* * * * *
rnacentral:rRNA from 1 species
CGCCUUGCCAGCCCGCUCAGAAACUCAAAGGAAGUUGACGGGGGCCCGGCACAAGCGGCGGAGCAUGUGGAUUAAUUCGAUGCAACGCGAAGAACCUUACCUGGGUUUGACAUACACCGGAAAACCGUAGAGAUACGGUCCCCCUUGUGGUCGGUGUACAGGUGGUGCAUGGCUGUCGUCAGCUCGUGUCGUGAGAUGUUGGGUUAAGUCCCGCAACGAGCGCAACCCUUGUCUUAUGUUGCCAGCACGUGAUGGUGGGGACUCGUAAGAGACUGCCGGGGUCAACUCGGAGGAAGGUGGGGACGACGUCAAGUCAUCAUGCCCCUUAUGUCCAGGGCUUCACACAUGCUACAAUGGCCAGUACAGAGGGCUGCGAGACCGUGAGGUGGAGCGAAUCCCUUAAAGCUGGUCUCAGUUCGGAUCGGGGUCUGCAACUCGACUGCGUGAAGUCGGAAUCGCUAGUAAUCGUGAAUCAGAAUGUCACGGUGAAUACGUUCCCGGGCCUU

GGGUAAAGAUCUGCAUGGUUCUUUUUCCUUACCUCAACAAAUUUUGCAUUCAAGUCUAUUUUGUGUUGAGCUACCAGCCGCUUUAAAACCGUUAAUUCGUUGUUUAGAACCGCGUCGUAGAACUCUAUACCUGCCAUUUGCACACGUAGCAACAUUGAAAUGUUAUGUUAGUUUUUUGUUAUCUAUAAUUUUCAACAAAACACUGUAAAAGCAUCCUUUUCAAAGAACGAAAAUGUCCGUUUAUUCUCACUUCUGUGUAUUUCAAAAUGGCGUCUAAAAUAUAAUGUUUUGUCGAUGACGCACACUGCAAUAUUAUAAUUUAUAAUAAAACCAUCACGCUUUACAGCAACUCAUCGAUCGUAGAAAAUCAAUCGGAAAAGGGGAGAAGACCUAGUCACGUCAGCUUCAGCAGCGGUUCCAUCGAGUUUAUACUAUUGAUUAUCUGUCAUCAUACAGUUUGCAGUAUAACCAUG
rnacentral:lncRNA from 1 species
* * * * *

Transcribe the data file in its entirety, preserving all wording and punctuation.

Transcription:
rnacentral:rRNA from 1 species
CGCCUUGCCAGCCCGCUCAGAAACUCAAAGGAAGUUGACGGGGGCCCGGCACAAGCGGCGGAGCAUGUGGAUUAAUUCGAUGCAACGCGAAGAACCUUACCUGGGUUUGACAUACACCGGAAAACCGUAGAGAUACGGUCCCCCUUGUGGUCGGUGUACAGGUGGUGCAUGGCUGUCGUCAGCUCGUGUCGUGAGAUGUUGGGUUAAGUCCCGCAACGAGCGCAACCCUUGUCUUAUGUUGCCAGCACGUGAUGGUGGGGACUCGUAAGAGACUGCCGGGGUCAACUCGGAGGAAGGUGGGGACGACGUCAAGUCAUCAUGCCCCUUAUGUCCAGGGCUUCACACAUGCUACAAUGGCCAGUACAGAGGGCUGCGAGACCGUGAGGUGGAGCGAAUCCCUUAAAGCUGGUCUCAGUUCGGAUCGGGGUCUGCAACUCGACUGCGUGAAGUCGGAAUCGCUAGUAAUCGUGAAUCAGAAUGUCACGGUGAAUACGUUCCCGGGCCUU

GGGUAAAGAUCUGCAUGGUUCUUUUUCCUUACCUCAACAAAUUUUGCAUUCAAGUCUAUUUUGUGUUGAGCUACCAGCCGCUUUAAAACCGUUAAUUCGUUGUUUAGAACCGCGUCGUAGAACUCUAUACCUGCCAUUUGCACACGUAGCAACAUUGAAAUGUUAUGUUAGUUUUUUGUUAUCUAUAAUUUUCAACAAAACACUGUAAAAGCAUCCUUUUCAAAGAACGAAAAUGUCCGUUUAUUCUCACUUCUGUGUAUUUCAAAAUGGCGUCUAAAAUAUAAUGUUUUGUCGAUGACGCACACUGCAAUAUUAUAAUUUAUAAUAAAACCAUCACGCUUUACAGCAACUCAUCGAUCGUAGAAAAUCAAUCGGAAAAGGGGAGAAGACCUAGUCACGUCAGCUUCAGCAGCGGUUCCAUCGAGUUUAUACUAUUGAUUAUCUGUCAUCAUACAGUUUGCAGUAUAACCAUG
rnacentral:lncRNA from 1 species